For the first time in South Africa, political parties could soon be seen flighting adverts on television – but not if the SABC had its way, according to a report on


The public broadcaster told the Independent Communications Authority of SA (Icasa) that the flighting of political party messages could cost it up to R91,8-million in lost advertising revenue.

"It's a lot of money… Eighty percent of our revenue comes from advertising," said SABC news chief Snuki Zikalala.

"[It will] dent our finances, badly, badly."

Icasa finished public hearings on Monday on draft regulations which provide a framework under which party political broadcasts in the electronic media will be covered in the run-up to general elections next year.

The regulations stipulate that broadcasting licence holders must make available four two-minute time slots every day for election broadcasts and adverts on radio and television.

"It will be a first for South Africa," said Advertising Standards Authority spokesperson Lilian Mlambo.

She added that this was the norm in countries such as the United States, where, according to a Reuters report in July, presidential candidates in the 2008 race were spending an estimated US$800-million (about R7 071) on TV adverts.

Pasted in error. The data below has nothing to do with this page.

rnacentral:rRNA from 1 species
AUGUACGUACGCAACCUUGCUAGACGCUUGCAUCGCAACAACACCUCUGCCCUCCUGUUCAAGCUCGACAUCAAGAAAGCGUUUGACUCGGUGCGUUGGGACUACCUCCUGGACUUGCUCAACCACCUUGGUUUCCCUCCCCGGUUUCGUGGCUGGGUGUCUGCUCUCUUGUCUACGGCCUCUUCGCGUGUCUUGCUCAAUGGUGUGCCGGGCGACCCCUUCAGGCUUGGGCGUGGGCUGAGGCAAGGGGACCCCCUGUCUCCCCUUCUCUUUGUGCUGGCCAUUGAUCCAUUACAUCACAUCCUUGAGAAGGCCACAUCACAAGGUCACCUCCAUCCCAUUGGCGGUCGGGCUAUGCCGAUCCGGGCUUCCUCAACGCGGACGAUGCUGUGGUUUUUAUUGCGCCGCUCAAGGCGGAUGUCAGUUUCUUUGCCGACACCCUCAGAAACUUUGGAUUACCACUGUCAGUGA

Icasa's Brenda Ntombela said the SABC would still be able to charge money for political party adverts, but that it would have to flight messages from political parties, called "party election broadcasts (PEBs)" for free in terms of its public service mandate.

Mlambo said there were subtle differences between PEBs and party adverts.

"PEBs are like placing an advertorial in a magazine. It's subtle advertising… but for the purposes of not getting jurisdictions crossed, we call it editorial".

An advertising body like ASA would only regulate the party adverts and not the PEBs.

"It would be a nightmare to administer the PEBs," said Mlambo.

The SABC would have to flight the PEBs at no cost, which meant it could lose millions of rands, said Fakir Hassen, the acting general manager of policy and regulatory affairs at the SABC.

"The estimated loss of revenue through giving up traditional advertising time, as envisaged in the draft regulations, will be between R58,8-million and R91,8-million."

Hassen proposed that the regulations be changed to exclude television.

He said the SABC was willing to "bend over backwards" to accommodate the draft regulations on radio.

"Our sound broadcasters will provide 100 percent coverage to the electorate… [but] we should not be compelled to do any PEBs [political election broadcast] on TV at all," said Hassen.

But lawyer Dan Rosengarten, representing both the free-to-air channel and its 24-hour news service which is a channel on MultiChoice, said his clients were "grateful for and welcomed" the draft regulations.

"Advertising is the very bread and butter of as a broadcaster," he said.

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